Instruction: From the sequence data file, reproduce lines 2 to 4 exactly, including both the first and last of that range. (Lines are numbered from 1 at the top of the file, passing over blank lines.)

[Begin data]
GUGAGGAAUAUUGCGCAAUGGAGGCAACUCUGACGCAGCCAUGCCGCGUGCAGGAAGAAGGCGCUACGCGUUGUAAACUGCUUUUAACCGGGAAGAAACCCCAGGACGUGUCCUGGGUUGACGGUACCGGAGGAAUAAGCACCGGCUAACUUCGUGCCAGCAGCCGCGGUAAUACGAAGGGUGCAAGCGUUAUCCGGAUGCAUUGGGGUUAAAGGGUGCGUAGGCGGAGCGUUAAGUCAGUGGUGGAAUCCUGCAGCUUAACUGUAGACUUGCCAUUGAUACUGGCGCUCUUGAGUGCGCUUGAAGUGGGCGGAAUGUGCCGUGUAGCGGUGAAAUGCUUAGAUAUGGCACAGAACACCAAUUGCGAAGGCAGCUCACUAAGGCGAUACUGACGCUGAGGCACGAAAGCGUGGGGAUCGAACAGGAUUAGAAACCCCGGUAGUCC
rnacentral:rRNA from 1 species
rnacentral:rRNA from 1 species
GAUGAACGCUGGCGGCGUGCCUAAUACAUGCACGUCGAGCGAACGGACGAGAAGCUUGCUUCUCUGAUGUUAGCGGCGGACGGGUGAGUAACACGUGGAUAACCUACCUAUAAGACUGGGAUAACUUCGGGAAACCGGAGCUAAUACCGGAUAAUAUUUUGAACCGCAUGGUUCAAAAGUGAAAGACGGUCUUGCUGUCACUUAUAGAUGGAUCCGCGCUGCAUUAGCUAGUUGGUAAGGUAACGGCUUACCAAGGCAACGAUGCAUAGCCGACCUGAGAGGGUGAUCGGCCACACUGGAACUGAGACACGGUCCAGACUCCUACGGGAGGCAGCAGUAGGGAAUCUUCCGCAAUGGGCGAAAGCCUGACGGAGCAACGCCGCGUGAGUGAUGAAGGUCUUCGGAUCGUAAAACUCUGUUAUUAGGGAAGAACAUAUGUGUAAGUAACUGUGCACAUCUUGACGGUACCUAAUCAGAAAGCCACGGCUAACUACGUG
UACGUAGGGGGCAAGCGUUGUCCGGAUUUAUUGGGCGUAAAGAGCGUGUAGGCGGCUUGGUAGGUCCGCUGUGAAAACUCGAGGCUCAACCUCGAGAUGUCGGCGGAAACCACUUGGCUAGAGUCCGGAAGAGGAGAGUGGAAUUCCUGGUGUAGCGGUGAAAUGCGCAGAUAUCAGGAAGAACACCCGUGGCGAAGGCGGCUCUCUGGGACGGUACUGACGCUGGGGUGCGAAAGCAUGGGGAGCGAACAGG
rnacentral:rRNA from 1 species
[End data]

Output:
rnacentral:rRNA from 1 species
rnacentral:rRNA from 1 species
GAUGAACGCUGGCGGCGUGCCUAAUACAUGCACGUCGAGCGAACGGACGAGAAGCUUGCUUCUCUGAUGUUAGCGGCGGACGGGUGAGUAACACGUGGAUAACCUACCUAUAAGACUGGGAUAACUUCGGGAAACCGGAGCUAAUACCGGAUAAUAUUUUGAACCGCAUGGUUCAAAAGUGAAAGACGGUCUUGCUGUCACUUAUAGAUGGAUCCGCGCUGCAUUAGCUAGUUGGUAAGGUAACGGCUUACCAAGGCAACGAUGCAUAGCCGACCUGAGAGGGUGAUCGGCCACACUGGAACUGAGACACGGUCCAGACUCCUACGGGAGGCAGCAGUAGGGAAUCUUCCGCAAUGGGCGAAAGCCUGACGGAGCAACGCCGCGUGAGUGAUGAAGGUCUUCGGAUCGUAAAACUCUGUUAUUAGGGAAGAACAUAUGUGUAAGUAACUGUGCACAUCUUGACGGUACCUAAUCAGAAAGCCACGGCUAACUACGUG